The making of Fates Warning's Long Day Good Night

Fates Warning
(Image credit: Stephanie Cabral)

In the summer of 2019, having returned to their respective homes following a tour with fellow US progressive metallers Queensrÿche, Fates Warning began mapping out plans for a 13th studio album. Over the coming months, guitarist Jim Matheos and vocalist Ray Alder collaborated on its material, although gradually the band began to sense a gigantic problem: Covid-19 was heading their way.

Alder had moved to Spain some years previously. On the day that Prog speaks to him he bemoans the fact that his adopted homeland is going into quarantine for
a second time. Earlier this year, with mixer Joe Barresi (Tool/Coheed And Cambria) booked for a very specific window of time and the band having been set a cast iron completion date, the pandemic’s original wave meant Alder was forced to take an extreme course of action. 

“My vocals had to be finished by mid-May but here in Spain you weren’t allowed to leave your house or drive with more than two people in a car,” he explains. “Music studios couldn’t open, but I looked around and found the owner of one who had been tested and wasn’t sick, neither was I; I hadn’t left home in three months. One thing that was allowed was moving house.”

Alder knew he wasn’t sticking to the letter of the law but felt he had no alternative. 

“My wife came up with the brilliant idea of me moving into the studio – for two weeks!” he says with a hearty laugh, still scarcely able to believe his actions. “I loaded a truck with a bed and other household items, but as we drove to the studio I was shitting my pants. If the cops had pulled us over I’d have been busted.”

For the following fortnight Alder lived in the vocal booth and ate microwave meals at night, recording a track per day and sending the results to Barresi in the US. And thus Long Day Good Night was born.

Fates Warning

(Image credit: Metal Blade)

For readers jumping in on the Fates Warning story, a mini history lesson might be of help. Alder joined the Connecticut-based band in 1987 after three albums, replacing co-founder John Arch who was forced out for financial reasons: refusing to give up his day job.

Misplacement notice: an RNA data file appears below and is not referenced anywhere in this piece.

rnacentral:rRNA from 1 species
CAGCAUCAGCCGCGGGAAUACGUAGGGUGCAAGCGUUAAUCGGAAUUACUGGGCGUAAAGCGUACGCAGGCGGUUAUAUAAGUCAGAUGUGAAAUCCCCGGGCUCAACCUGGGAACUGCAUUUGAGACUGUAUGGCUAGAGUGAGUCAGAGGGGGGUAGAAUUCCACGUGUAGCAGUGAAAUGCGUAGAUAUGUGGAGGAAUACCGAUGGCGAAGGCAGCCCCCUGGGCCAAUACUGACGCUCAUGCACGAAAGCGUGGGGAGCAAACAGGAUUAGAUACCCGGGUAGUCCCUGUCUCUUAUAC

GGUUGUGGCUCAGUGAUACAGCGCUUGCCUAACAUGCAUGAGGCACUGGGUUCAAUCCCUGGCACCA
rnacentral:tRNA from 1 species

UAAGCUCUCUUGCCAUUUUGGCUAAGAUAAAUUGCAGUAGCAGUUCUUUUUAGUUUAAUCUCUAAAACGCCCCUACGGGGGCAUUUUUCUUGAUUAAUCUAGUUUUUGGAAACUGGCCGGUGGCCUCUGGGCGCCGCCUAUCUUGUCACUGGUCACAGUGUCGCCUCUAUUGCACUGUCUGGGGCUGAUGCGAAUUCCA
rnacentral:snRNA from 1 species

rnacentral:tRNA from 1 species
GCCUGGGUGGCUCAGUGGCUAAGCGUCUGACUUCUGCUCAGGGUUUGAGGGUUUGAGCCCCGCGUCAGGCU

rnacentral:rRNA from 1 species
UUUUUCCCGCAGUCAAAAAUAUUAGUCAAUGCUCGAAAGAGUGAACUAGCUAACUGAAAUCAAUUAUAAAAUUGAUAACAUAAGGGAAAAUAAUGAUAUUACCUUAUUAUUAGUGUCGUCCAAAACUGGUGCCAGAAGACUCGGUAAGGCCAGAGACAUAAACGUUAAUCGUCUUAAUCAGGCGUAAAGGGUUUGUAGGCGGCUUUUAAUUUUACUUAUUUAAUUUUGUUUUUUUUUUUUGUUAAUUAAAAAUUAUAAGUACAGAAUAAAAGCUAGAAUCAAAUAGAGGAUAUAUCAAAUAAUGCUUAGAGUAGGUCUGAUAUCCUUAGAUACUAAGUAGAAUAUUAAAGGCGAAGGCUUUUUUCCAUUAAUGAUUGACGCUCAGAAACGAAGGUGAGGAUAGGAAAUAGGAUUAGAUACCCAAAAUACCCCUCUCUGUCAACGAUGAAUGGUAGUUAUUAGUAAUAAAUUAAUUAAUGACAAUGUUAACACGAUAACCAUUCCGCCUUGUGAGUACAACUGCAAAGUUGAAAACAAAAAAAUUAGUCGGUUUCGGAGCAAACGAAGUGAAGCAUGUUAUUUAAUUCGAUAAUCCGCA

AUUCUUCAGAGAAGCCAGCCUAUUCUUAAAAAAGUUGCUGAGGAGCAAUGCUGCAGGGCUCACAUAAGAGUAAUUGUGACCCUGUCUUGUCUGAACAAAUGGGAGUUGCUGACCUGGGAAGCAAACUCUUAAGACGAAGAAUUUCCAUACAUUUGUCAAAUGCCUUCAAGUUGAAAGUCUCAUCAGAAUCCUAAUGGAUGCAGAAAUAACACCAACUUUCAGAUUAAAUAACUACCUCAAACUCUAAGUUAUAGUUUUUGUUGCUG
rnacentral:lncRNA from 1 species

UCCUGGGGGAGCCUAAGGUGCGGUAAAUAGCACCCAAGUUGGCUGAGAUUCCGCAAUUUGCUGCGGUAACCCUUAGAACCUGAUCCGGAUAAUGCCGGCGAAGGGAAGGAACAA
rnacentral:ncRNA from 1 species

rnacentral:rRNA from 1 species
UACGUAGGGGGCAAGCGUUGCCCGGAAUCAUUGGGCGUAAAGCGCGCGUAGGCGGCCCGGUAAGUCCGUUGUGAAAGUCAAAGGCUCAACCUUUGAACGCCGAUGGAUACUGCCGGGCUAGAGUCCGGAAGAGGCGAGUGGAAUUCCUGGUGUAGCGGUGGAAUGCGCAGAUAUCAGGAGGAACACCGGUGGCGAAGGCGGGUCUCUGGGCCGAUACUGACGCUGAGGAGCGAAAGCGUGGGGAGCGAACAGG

“John wasn’t able to tour, so they had to find somebody that would,” Alder laughs. “That was me, and more than 30 years later I’m still here.”

From the following year’s No Exit onwards, Fates Warning became more progressively influenced, although as anyone ancient enough to recall the formative days of the prog metal scene will testify, there existed a basic refusal to accept the fusion of the two seemingly contrasting styles.

“We went on tour, thrashed about like idiots and had the time of our lives, but
few people really got it,” Alder agrees. “I remember being afraid that people wouldn’t dig the next album [Perfect Symmetry, 1989] because it was a complete turnaround. But, like I said, we’re still here and our fanbase continues to grow.”

As readers might have guessed, Alder had made his entrance to the progressive world via the heavy metal route. “I began with Judas Priest and Iron Maiden, also Journey was another big one,” he reminisces, “but at 12 years old the Rush album 2112 was my gateway to Jethro Tull, Yes and Camel and it remains in my Top 10 of all time. Hearing [Fates Warning’s] Awaken The Guardian [1986] on the radio was another watershed moment. I was completely floored and realised that music didn’t have to be in 4/4 time to make sense.”

Alder recently turned 53, but unlike so many contemporaries his voice still sounds great. In an interview for the band’s previous album, Theories Of Flight, Matheos commented that the singer had experienced “a rough patch during the early 2000s.” Is he doing anything differently now?

“The top end of my range did start to go away, but I saw a doctor in Los Angeles who told me to stop drinking and smoking, and even to sleep in a certain way – that was never going to fly,” he says with a laugh. “The problem was that I destroyed my voice by never rehearsing, going from zero to 100mph. So for the past few years I’ve sung for a few hours almost every day and now it’s back in shape again.”